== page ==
for each extra throw. I began struggling with a flight of about 1 1/2
    minutes followed by three two minute maxes and then another 1 1/2 minute
    flight. That gave me 931 points for the  round which was fourth best. Joe
    Wurts won the round followed by Mike Smith(990),and Tom Kiesling(952). This
    left Joe in first place after round eleven.
    Round twelve called for three three minute flights with 30 second penalties
    for extra throws. With an extra minute in the ten minute round window, most
    pilots elected not to throw at the opening horn. Paul Anderson was first to
    break the stalemate. He launched and began a downwind run. As no lift was
    apparent, the rest of us just watched and some began urging Paul to continue
    his search farther downwind. At about the time Paul reached the limit of his
    downwind range and began turning for home, Tom Kiesling got some inspiration
    and launched. 
    He immediately began circling and this was enough for me to
    decide to pull the trigger. I happen to know that Tom doesn't launch high
    enough to bluff and reads air too well to mistakenly circle in sink. The air
    was soon full of about ten airplanes circling in lift. I'm not sure what
    happened to Paul but based on the scores (Paul got a 990) he must have
    either gotten back upwind into Tom's thermal, found his own or just re-
    launched early enough not to be hurt by the first flight. I was fourth in
    the round again with two three minute flights and a shorter flight for a 900
    point round. Bruce Davidson took the 1000, followed by Paul's 990 and Art
    Markiewicz's 972. Joe Wurts had some trouble and dropped out of first place
    with a  771 point round.
    Round thirteen, the final round, called for a four minute flight, a three
    minute flight, a two minute flight and a one minute flight, in any order but
    with only four throws allowed. As the timing CD counted down to the start of
    the round, I was watching a thermal streamer mounted on top of a mobile home
    as well as the streamer on my transmitter antenna. They were pointing in
    different directions, indicating a thermal directly on the field. I began
    edging my way towards that part of the field and noticed Joe Wurts doing the
    same thing. I told my timer there was a thermal directly over Joe's head and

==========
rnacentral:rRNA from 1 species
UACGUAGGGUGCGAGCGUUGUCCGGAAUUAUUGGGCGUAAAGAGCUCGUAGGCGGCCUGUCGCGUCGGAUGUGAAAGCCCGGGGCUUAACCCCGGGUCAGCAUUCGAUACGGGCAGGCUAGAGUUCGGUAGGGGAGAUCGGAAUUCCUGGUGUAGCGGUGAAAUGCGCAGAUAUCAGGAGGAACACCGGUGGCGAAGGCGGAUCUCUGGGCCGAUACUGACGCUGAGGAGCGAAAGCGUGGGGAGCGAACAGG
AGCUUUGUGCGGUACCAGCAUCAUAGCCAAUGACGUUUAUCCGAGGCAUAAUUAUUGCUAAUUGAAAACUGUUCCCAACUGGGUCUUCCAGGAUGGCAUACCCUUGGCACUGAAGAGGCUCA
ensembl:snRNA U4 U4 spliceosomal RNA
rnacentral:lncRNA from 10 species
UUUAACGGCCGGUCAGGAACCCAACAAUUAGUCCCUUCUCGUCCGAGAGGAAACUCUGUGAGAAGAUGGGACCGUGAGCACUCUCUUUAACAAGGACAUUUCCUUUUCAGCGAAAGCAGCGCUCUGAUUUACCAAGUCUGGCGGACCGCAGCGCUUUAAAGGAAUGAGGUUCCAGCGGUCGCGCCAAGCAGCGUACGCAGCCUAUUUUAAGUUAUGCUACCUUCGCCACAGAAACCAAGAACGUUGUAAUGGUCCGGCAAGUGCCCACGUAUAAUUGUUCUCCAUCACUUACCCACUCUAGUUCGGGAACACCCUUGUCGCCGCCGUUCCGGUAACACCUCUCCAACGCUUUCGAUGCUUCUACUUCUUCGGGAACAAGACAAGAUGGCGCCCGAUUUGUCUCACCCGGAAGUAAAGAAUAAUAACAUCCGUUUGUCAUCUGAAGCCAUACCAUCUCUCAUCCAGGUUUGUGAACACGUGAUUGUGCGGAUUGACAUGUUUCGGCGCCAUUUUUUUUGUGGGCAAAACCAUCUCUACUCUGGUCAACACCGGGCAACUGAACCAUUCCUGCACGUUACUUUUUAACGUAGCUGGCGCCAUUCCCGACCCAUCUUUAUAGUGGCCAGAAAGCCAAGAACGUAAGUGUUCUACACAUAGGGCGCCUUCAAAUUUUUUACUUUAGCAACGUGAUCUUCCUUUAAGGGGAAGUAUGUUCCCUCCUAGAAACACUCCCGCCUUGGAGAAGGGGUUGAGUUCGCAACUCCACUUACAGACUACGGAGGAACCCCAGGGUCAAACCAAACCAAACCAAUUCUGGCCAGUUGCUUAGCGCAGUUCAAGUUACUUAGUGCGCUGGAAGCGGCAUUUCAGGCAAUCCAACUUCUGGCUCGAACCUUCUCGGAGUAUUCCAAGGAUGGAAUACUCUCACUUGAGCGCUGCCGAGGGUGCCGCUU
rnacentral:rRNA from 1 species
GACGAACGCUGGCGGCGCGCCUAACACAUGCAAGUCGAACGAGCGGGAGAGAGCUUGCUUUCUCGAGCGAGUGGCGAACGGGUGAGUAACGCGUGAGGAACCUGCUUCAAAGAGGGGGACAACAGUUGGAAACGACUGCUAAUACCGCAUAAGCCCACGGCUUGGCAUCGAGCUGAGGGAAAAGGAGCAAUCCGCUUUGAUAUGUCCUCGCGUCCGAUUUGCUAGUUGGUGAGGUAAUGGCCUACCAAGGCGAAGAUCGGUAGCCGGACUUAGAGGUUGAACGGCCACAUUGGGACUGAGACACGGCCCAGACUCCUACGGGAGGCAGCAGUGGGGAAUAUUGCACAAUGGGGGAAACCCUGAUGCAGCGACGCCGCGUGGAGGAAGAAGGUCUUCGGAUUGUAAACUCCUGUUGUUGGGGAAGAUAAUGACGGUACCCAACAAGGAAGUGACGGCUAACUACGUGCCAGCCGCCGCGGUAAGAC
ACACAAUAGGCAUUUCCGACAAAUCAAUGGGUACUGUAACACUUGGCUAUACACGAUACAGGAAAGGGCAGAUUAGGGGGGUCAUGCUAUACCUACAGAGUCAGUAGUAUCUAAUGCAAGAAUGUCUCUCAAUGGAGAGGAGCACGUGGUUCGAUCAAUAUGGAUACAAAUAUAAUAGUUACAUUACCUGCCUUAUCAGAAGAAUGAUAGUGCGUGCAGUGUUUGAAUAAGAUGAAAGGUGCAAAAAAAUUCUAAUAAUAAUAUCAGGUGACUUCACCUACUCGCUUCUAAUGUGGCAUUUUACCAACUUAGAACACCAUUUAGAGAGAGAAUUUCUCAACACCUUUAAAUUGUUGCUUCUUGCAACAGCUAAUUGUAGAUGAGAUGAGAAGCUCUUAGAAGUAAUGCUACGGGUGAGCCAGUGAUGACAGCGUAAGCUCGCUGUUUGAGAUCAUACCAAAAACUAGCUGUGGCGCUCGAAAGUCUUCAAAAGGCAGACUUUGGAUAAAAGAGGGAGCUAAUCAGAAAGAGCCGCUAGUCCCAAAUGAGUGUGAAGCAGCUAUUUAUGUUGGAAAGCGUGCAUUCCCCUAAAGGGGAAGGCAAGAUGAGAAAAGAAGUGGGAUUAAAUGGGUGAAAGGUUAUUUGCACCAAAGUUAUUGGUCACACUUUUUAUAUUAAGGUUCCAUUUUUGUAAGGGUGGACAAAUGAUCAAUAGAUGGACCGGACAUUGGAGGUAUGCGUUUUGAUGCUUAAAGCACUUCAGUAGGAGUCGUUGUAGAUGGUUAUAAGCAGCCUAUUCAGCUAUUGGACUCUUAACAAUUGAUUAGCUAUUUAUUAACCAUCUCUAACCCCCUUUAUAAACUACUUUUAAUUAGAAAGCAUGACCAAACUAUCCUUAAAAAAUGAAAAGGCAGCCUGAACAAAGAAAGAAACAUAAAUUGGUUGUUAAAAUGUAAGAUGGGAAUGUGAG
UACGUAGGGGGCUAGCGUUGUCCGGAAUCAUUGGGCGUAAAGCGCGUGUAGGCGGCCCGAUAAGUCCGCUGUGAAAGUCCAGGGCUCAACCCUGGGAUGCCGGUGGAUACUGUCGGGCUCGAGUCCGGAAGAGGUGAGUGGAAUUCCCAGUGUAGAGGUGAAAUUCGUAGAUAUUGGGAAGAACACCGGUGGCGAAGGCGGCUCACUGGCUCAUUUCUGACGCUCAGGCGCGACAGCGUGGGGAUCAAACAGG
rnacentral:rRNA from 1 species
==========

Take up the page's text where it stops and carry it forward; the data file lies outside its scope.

launched at the horn. I guess this was a pretty easy read as most others
    launched as well and soon the air was filled with circling models. The
    thermal was nice to me for about a minute but after almost two minutes I was
    low and struggling so I asked my timer (Russ Bennett) for a two minute count
    and set up for a re-launch. It looked like most of the other planes were
    still happily thermalling away and I had just fallen out of the bottom of
    the thermal so I was fairly confident that I could launch again into the
    meat of the thermal and do a longer flight. I launched, cruised the short
    distance to where the thermal was/should have been, saw no indication of
    lift and a sparse population of models by then. I made the quick decision to
    continue straight downwind towards a cluster of circling models. I found
    some spotty lift and began working it. It was not the stuff that could be
    called "happy air" but was rather more like "survival" air. I was constantly
    readjusting my thermal turns trying to find the "sweet spot" and drifting
    ever further down wind as I did so. The other planes in the area were doing
    the same thing. There was not one big definite thermal that drew everyone in
    but just an area of small, broken, elusive, constantly shifting thermals. My
    goal (no surprise here) was to gain enough altitude for an easy ride home.
    That never happened so I finally reached a point where I had to ask Russ to
    help find a route home. He pointed out that some other planes were
    indicating good air on the left side of the field so I pointed the plane for
    that area and headed upwind. About half way back I got some indication of
    lift, probably a wing being lifted, made a couple turns to check out the air
    and then centered up in a very nice, strong thermal. I quickly gained enough
    altitude to cruise quickly back to the field and came down again to launch
    altitude to scout air for the next throw. There appeared to be a general,
    wide area of lift just downwind of the field boundary so I happily finished
    my four minute flight and launched again for an easy three minute flight.
    That left only a sub one minute flight to finish the round and the contest.
    Joe Wurts won this round. I was second with two seconds less time (590s to
    Joe's 592s) for a score of 997. Paul Anderson (993), Mark Drela (992) and
    Art Markiewicz (985) also made all of their times.
    At this point, we all just waited for the awards to be announced. I was
    quite certain that Joe had won. I made a point of checking with him after
    the first and third flyoff rounds to see how he had done. I never asked